Ghana looks inward for military equipment production

Ghanaian Army soldiers train with their WZ-523 armoured personnel carrier.

Ghanaian Army soldiers train with their Norinco WZ-523 armoured personnel carrier.

Ghana has taken the first step in building a viable military industrial complex to supply it’s military with equipment.

Vice President Mahamudu Bawumia Monday, 4 April, inaugurated a joint venture companies under the Defence Industries Holding Company (DIHOC), and also commissioned construction equipment worth US $18 million to support the military’s operations and the General Headquarters Office Complex of the Military.

Around 13 JVC are collaborating with Ghana’s military to manufacture equipment such as ammunitions, bullion vans, electronic gadgets, footwear, computers, phones, pre-paid metres, military weapons, textiles and garments.

Each of the JVCs under DIHOC has its own board and management team to provide strategic policy direction and day-to-day administration of the companies.

The JVCs under the DIHOC would also undertake construction and civil engineering works, road construction, dredging of river bodies, build industrial parks, manufacture iron rods, aquaculture facilities, beachfront, amusement park, Accra Smart City, and a Veteran Village with health facilities.

The military industrial complex would provide 1,500 direct jobs and an avenue for the Military High Command to generate revenue internally for its operations and contribute towards the overall socio-economic development of the country.

There are both local and international companies into Joint Venture Agreements with the GAF to realise the set objectives including Jospong Group of Companies, McDAN Group of Companies, Defence Electronic Technology Limited, Energy World Limited, Care World Limited, Financial/ Construction Limited, Black Swan Limited, 360 Defence Builder Limited and Denzel Logistics Limited.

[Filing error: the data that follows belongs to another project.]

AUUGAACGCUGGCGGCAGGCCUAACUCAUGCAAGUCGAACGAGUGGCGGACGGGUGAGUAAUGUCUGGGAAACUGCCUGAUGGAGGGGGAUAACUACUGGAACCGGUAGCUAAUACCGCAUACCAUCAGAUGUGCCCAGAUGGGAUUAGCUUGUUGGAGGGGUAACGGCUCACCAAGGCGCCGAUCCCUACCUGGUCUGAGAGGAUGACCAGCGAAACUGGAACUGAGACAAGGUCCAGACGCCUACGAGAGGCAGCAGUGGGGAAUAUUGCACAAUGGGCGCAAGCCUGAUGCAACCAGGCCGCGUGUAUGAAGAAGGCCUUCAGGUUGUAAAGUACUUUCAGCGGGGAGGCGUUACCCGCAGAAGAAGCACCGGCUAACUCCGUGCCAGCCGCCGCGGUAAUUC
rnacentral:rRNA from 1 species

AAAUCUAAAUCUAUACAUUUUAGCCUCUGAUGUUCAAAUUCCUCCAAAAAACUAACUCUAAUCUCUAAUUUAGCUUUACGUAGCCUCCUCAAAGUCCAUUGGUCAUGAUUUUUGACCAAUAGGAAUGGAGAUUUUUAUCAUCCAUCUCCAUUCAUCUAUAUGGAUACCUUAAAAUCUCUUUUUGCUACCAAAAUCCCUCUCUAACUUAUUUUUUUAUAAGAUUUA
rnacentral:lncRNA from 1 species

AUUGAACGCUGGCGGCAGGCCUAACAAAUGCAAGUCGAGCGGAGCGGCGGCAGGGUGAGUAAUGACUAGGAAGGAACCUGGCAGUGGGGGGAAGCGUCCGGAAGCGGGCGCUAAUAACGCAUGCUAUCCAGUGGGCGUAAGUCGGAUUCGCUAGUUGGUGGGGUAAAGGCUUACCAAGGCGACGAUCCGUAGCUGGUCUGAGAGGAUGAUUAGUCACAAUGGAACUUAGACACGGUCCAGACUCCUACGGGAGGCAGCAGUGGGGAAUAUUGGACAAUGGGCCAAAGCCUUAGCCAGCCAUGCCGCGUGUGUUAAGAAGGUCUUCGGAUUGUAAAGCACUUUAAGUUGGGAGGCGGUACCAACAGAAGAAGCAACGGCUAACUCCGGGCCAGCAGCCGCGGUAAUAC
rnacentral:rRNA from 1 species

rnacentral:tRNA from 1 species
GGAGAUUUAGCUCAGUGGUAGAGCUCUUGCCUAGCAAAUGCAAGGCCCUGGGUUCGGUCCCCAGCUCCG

The partnership is expected to generate 1,500 direct jobs for soldiers, retired officers and civilians and bring an investment portfolio of over a billion dollar into the Ghanaian economy.

Vice President Bawumia, while inaugurating the JVCs at the Burma Hall, in Accra, said the GAF and other security establishments in the country had depended mainly on the import of security hardware and equipment for their operations, noting that those armaments such as armoured vehicles, weapons, ammunition, communication systems, were procured from external entities mostly through Sales and Purchase Agreements with foreign suppliers.

However, the armaments acquired through sales and purchase agreements raised several challenges which undermined the efficiency of the Military.

“For example, most of the foreign suppliers did not have a local logistics support presence in Ghana to help maintain those sophisticated armaments,” Dr Bawumia noted.

Consequently, he said, the maintenance and support required for those defence and security assets’ effectiveness were not readily available and as such, the maintenance and logistical support for those assets usually came with a huge cost for the Government.

Also, there was little skill transfer and no transfer-of-technology in such Sales and Purchase arrangements with foreign suppliers,” he observed.